Trust Creation Mistakes
July 20th, 2016
Creating a trust can be complicated and even experts make mistakes. There are some common mistakes that are made that you should be aware of to make sure that your lawyer does not make them.
When you hire an attorney to create a trust for you, do not assume the attorney should do everything. Creating a trust should be a partnership between the attorney and the client.
The attorney needs the client to adequately work with him or her so the attorney has all the information needed to draft an effective trust. If that does not happen, then, as Barron's Penta Daily discusses in "Five Killer Mistakes Trust Lawyers Make," there can be problems with the trust.
Common mistakes include:
- Inheritance Planning – An attorney can make sure all of your current assets are planned for, but if you are expecting to receive a large inheritance in the future, then your attorney needs to know about that so it can be planned for as well.
- Multiple Attorneys – If you have different attorneys for different estate planning documents, then it is more likely that there will be contradictions in those documents. That can be expensive to sort out.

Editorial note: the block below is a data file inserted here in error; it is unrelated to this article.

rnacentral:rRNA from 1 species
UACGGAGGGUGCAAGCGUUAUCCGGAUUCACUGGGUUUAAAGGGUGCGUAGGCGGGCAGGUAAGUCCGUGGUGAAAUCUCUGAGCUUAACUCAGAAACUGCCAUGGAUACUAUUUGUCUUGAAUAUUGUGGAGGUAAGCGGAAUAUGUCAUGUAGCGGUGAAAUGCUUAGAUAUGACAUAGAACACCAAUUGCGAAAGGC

- Multiple Beneficiaries – It should not be assumed that one trust will work for everyone you wish to name as a beneficiary. Treat them as uniquely as circumstances require.
- Decanting – Attorneys and clients need to discuss whether the client wants trustees and beneficiaries to be able to modify the terms of the trust at a later date, to include "forum shopping" when it comes to finding more favorable state laws.
- Trust Termination – It is not always a good idea to create a trust that terminates at a specific time no matter what happens.
A qualified estate planning attorney can help ensure nothing falls through the cracks, but he or she needs your assistance.
Reference: Barron's Penta Daily (June 18, 2016) "Five Killer Mistakes Trust Lawyers Make"